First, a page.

By declaring medical care to be essentially a "collective good," Paul Krugman and others are saying that the state should take over the creation and distribution of the good and treat it as something that should be limited, but the limited distribution to be decided by the state. In other words, Krugman does give a back-door nod to the Law of Scarcity, but at the same time claims that medical care is a "special case" that should be guided by government regulators.
In reading the comments on yesterday's post, I am struck by the outright hostility by some to ANY kind of entrepreneurship in medical care. In other areas of the economy, entrepreneurs have managed to bring resources from lower-valued to higher-valued uses, but somehow, medical care is different. Not only do entrepreneurs artificially push up real costs, according to at least a couple of the people making comments, but their very presence in medical care is outright evil.
If medical innovations actually raise real costs, then I suspect that what these commenters are saying is that we need to go back to medical care that existed perhaps when I was a child, when we worried about polio, measles, whooping cough, malaria, rheumatic fever, mumps, and lots of other diseases. We should not have MRI's, arthroscopic surgery, (God forbid lasik surgery, given that people pay out-of-pocket for that), CAT-Scans and a host of other things that simply were not available when I was hospitalized in the 1950s.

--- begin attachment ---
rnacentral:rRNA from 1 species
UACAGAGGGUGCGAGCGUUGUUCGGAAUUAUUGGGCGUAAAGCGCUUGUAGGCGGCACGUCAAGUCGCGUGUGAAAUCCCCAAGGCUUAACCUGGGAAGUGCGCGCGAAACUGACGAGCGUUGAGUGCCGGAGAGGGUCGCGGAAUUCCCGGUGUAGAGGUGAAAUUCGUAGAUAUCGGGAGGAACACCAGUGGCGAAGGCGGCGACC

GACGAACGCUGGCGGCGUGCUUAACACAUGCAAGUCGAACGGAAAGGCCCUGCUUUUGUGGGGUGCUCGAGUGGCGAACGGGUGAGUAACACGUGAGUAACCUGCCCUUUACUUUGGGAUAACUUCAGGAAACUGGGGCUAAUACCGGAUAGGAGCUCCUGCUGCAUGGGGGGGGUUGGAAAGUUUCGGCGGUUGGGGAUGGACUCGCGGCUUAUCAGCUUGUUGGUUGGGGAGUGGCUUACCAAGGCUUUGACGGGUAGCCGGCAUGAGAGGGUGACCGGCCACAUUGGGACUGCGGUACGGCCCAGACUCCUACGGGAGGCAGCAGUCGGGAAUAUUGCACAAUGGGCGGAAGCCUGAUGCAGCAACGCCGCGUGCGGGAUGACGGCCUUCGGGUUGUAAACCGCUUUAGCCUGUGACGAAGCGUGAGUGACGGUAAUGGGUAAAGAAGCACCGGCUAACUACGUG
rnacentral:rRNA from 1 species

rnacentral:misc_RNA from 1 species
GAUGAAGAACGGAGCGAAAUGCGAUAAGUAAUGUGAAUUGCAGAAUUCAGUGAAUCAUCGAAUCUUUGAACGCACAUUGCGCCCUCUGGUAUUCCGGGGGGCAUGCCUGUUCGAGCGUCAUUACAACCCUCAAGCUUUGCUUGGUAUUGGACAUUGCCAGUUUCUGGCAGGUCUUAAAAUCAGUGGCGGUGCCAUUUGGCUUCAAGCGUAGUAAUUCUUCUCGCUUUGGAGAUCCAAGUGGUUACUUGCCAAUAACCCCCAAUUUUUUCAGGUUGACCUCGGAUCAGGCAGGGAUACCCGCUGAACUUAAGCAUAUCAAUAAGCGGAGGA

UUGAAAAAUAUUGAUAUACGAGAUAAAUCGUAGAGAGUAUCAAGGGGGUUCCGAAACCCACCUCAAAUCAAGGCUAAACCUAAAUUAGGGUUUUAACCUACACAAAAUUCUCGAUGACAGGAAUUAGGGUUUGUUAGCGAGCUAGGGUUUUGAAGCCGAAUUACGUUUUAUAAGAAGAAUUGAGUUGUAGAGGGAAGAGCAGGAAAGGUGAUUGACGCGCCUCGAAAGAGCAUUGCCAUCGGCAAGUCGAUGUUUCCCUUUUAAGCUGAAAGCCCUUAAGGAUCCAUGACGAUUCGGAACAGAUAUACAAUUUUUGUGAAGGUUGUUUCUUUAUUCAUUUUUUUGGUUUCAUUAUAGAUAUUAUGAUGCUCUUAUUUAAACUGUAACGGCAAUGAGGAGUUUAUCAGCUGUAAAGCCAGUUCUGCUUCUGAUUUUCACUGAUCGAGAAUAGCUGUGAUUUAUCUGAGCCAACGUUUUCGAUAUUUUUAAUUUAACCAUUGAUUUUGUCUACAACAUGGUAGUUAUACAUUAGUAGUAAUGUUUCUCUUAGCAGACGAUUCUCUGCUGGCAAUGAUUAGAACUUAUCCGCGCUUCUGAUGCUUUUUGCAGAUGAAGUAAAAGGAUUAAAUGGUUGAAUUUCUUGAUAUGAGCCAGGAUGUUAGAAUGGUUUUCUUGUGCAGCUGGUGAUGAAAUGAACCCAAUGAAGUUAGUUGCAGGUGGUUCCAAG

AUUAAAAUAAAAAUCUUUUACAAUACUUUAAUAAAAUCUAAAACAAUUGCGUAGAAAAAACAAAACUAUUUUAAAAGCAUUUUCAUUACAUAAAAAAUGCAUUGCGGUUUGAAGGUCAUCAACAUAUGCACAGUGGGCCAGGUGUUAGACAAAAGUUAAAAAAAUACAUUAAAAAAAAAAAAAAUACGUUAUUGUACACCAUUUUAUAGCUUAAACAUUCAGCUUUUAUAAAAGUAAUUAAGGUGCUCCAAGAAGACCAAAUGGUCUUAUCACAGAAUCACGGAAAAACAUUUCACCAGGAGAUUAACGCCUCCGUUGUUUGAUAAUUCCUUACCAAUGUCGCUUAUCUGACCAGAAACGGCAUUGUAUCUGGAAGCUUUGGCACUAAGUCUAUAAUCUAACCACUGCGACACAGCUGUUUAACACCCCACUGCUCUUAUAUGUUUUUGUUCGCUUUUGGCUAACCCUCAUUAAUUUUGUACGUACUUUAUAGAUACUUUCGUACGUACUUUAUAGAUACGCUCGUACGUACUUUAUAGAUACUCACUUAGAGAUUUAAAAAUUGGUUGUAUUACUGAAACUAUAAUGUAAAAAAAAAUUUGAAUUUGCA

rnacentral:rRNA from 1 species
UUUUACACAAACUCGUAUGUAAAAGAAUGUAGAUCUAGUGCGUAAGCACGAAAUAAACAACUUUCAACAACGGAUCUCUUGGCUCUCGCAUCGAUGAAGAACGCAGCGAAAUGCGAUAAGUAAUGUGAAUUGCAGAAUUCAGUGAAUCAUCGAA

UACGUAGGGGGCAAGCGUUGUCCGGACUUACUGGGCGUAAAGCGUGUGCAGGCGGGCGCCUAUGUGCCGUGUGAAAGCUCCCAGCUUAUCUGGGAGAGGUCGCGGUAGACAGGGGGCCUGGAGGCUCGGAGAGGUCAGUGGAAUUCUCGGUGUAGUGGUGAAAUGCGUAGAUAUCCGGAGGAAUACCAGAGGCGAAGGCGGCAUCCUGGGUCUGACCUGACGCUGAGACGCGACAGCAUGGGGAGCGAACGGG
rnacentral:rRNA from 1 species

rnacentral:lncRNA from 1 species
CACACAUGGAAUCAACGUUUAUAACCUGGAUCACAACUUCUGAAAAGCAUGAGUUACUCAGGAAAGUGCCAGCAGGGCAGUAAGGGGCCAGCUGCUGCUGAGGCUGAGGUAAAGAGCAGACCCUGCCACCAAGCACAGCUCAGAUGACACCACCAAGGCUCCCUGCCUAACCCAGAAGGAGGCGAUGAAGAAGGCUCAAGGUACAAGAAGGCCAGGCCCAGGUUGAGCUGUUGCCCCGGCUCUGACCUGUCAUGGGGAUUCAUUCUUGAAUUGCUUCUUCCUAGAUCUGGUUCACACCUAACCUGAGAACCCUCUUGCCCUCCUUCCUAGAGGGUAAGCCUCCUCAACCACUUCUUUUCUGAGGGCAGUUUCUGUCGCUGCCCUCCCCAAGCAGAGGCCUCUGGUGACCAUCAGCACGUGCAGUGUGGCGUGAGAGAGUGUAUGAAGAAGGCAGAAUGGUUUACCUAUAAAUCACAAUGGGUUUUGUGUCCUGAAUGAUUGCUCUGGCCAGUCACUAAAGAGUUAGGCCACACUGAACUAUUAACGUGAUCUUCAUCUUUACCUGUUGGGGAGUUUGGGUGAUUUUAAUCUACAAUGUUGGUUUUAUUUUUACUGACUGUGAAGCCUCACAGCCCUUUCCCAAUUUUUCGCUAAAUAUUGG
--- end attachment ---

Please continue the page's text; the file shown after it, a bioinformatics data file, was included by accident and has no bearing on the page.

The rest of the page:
Instead, we should have state-provided and state-driven care that is determined by panels of "experts" who apparently are more wise than anyone else. I'm sure that will create a wonderful state of care, and it will be cheaper. (Krugman happily called them "death panels" and recommended them highly -- using that term -- but now wants us to believe that only critics of KrugmanCare are using the term.)
In other words, if I read the commenters and Krugman correctly, we need more people to die sooner, or be crippled by disease and inadequate (but cheap) surgery techniques. And if anyone wishes to engage in medical entrepreneurship, well, that person should go to prison for life.